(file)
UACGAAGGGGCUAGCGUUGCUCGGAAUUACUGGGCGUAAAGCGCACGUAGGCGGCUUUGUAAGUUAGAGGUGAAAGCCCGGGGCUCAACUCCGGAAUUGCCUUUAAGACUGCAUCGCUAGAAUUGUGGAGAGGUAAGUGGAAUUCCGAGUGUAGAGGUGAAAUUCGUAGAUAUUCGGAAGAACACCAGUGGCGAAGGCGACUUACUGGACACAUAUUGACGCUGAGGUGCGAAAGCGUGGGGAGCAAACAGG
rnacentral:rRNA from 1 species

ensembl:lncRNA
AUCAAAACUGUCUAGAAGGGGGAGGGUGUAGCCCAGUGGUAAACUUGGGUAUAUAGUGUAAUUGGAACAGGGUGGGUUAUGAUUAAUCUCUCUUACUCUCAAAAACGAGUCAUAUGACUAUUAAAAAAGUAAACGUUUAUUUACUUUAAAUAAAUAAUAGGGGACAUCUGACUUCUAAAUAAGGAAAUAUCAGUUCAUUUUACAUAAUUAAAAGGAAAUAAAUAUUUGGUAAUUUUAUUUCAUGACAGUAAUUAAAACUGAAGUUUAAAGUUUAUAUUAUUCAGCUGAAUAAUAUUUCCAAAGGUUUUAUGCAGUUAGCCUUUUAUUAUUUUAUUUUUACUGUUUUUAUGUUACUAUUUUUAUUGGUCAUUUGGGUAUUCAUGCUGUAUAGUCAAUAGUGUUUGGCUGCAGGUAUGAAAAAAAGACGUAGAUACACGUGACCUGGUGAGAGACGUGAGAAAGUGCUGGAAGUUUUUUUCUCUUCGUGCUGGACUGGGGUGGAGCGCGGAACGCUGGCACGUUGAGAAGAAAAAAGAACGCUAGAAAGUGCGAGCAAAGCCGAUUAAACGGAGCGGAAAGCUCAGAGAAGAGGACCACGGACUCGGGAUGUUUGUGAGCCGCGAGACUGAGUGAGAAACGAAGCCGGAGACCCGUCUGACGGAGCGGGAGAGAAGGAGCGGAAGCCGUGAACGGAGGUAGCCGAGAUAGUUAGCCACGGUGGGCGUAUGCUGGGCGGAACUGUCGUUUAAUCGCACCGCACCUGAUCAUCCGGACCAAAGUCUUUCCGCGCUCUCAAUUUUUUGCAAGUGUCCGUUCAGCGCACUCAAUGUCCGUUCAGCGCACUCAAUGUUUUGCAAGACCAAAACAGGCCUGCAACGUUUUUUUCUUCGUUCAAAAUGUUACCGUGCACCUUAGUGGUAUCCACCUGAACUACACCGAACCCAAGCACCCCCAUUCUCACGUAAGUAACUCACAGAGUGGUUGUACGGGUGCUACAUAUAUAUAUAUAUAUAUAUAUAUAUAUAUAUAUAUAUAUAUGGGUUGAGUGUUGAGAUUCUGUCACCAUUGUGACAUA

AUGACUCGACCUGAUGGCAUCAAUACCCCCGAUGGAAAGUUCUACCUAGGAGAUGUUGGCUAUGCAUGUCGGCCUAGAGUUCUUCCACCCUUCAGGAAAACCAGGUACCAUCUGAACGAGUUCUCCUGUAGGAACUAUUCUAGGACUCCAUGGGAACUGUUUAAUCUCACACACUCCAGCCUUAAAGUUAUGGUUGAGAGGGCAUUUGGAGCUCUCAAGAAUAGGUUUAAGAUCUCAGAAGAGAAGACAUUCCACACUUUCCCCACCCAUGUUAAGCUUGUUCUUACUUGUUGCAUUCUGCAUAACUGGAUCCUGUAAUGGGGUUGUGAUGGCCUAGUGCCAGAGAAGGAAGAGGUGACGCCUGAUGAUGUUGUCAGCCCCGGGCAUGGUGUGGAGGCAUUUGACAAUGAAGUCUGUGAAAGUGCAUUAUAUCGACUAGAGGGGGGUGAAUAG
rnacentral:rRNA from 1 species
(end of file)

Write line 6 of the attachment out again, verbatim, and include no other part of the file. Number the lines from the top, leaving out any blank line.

rnacentral:rRNA from 1 species